There’s an interesting article on Christian Zionism and how it informs The Left Behind books in the June 2009 issue of The Lutheran magazine.
Another reason to read the Old Testament: the power of its big ideas.Continue reading
It’s easy to read the Bible as if it contained disembodied doctrine, eternal truths about the divine being and the cosmos floating above the mundane concerns of human living. But biblical materials were shaped by the people who wrote them–not only by their beliefs but also by the economies in which they lived. And as ancient Israel’s economy changed over time, so too did the assumptions and the agendas of the writers of the documents that we now have in the Bible.Continue reading
A recent article in GQ revealed that when Secretary Rumsfeld presented daily intelligence briefings to President Bush in the early days of Iraq war, he presented them with cover sheets emblazoned with biblical quotes.
Click here to see some of those images on the GQ site.
Although most press has been given to the quotes from Isaiah, also in the mix are citations from Ephesians, Psalms, Daniel, Proverbs, Joshua,1 Peter, and 1 Chronicles.
In his blog on beliefnet.com, Steven Waldman asks why Bush didn’t distance himself from such overt displays of religiosity and wonders if Rumsfeld and others thought their plans would be more credible if the President thought they were sanctioned by the Bible.
On MSNBC’s Ed Show, panelists debate whether Christian quotes belong in the public sphere and ponder how Americans would have reacted if the quotes had come from the Quran instead. The issue is cast as one of pluralism and the separation of church and state. Interestingly, panelists also engage in a brief discussion about “what Isaiah really says,” noting that many passages in Isaiah call for a time of peace and the cessation of war.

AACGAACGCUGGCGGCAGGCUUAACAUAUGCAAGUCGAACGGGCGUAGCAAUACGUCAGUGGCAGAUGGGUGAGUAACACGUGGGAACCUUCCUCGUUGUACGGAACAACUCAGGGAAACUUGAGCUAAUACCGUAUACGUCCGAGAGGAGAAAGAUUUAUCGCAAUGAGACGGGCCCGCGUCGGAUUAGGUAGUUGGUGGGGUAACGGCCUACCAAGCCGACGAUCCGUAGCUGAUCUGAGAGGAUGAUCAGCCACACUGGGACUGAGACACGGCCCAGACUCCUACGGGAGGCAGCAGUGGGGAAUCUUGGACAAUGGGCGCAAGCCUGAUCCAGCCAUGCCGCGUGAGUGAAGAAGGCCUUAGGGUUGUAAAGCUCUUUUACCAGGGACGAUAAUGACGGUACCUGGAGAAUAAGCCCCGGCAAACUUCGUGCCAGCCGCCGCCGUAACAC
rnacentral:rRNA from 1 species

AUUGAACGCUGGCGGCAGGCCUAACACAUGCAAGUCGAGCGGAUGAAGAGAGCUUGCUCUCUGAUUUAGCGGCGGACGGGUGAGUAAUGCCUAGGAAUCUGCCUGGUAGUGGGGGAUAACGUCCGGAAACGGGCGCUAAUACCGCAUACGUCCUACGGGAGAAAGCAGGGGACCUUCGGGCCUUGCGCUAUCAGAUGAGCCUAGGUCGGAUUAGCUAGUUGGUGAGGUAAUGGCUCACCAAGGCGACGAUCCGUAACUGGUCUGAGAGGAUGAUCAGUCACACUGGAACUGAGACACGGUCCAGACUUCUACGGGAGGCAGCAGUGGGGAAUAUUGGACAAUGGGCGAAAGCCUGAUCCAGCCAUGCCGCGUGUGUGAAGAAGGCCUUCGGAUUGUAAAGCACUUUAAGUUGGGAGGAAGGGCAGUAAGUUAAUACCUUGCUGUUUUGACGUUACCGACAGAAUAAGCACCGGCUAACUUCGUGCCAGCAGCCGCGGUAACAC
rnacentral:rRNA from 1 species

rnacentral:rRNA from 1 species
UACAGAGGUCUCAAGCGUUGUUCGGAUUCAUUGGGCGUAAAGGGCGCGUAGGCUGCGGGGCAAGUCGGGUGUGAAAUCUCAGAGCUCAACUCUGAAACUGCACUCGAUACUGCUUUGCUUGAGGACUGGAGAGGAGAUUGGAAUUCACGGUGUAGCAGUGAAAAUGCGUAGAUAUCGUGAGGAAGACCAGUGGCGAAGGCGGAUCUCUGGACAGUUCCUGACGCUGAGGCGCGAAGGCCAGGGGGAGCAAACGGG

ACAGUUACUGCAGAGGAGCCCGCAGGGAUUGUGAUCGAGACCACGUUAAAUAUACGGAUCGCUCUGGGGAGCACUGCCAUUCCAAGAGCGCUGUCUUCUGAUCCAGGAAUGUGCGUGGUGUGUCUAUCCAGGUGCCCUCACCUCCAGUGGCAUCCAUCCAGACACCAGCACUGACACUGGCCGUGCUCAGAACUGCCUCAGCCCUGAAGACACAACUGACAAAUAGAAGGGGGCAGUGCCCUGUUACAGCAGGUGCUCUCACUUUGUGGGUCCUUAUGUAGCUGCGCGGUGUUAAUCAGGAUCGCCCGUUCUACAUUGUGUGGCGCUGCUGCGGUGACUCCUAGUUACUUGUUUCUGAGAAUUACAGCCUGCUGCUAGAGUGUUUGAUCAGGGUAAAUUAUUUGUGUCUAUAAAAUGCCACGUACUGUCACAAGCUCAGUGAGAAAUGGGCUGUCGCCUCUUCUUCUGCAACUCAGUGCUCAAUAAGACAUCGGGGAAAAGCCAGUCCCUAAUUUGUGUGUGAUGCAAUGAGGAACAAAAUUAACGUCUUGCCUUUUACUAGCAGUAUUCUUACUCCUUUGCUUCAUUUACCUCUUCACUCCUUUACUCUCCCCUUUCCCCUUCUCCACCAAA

The choice of quotes for these documents isn’t surprising. They appeal to a sense of mission to do the right thing (“here I am, send me”). They promise victory to the faithful (“commit to the LORD and your plans will succeed”). They clearly identify the good guys and the bad guys (“It is by God’s will that by doing good you shall silence the ignorant talk of foolish men”). They publicly attribute success to the hand of God (“the king is not saved by a mighty army”).
That is, they use the Bible to make a case for something the preparers already believed.
As someone who listens to how the Bible is used in church and in culture, I find the “cherry-picking” of quotes (the language used on MSNBC) to be nothing new. People trying to advance very different perspectives turn to the Bible to defend their positions. I have heard the Bible invoked as proof for anti-gay legislation and for marriage equality for LGBT people; for and against the ordination of women; for eco-friendly lifestyles and for believing that Jesus’ impending return leaves us no time to fix global warming. “Cherry-picking” is nothing new. Many of us call it “proof-texting.”